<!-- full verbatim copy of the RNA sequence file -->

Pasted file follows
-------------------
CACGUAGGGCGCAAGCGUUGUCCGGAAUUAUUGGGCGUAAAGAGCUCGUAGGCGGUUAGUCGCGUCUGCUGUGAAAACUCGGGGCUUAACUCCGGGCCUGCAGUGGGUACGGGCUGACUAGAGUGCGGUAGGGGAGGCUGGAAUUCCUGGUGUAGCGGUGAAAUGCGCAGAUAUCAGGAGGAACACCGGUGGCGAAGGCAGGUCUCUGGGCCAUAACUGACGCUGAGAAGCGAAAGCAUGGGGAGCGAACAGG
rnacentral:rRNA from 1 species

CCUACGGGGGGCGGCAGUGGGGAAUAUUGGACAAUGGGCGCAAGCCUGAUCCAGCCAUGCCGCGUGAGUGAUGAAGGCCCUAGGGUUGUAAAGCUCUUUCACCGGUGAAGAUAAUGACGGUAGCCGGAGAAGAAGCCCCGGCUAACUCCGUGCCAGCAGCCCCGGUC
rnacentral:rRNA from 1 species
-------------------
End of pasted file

CACGUAGGGCGCAAGCGUUGUCCGGAAUUAUUGGGCGUAAAGAGCUCGUAGGCGGUUAGUCGCGUCUGCUGUGAAAACUCGGGGCUUAACUCCGGGCCUGCAGUGGGUACGGGCUGACUAGAGUGCGGUAGGGGAGGCUGGAAUUCCUGGUGUAGCGGUGAAAUGCGCAGAUAUCAGGAGGAACACCGGUGGCGAAGGCAGGUCUCUGGGCCAUAACUGACGCUGAGAAGCGAAAGCAUGGGGAGCGAACAGG
rnacentral:rRNA from 1 species

CCUACGGGGGGCGGCAGUGGGGAAUAUUGGACAAUGGGCGCAAGCCUGAUCCAGCCAUGCCGCGUGAGUGAUGAAGGCCCUAGGGUUGUAAAGCUCUUUCACCGGUGAAGAUAAUGACGGUAGCCGGAGAAGAAGCCCCGGCUAACUCCGUGCCAGCAGCCCCGGUC
rnacentral:rRNA from 1 species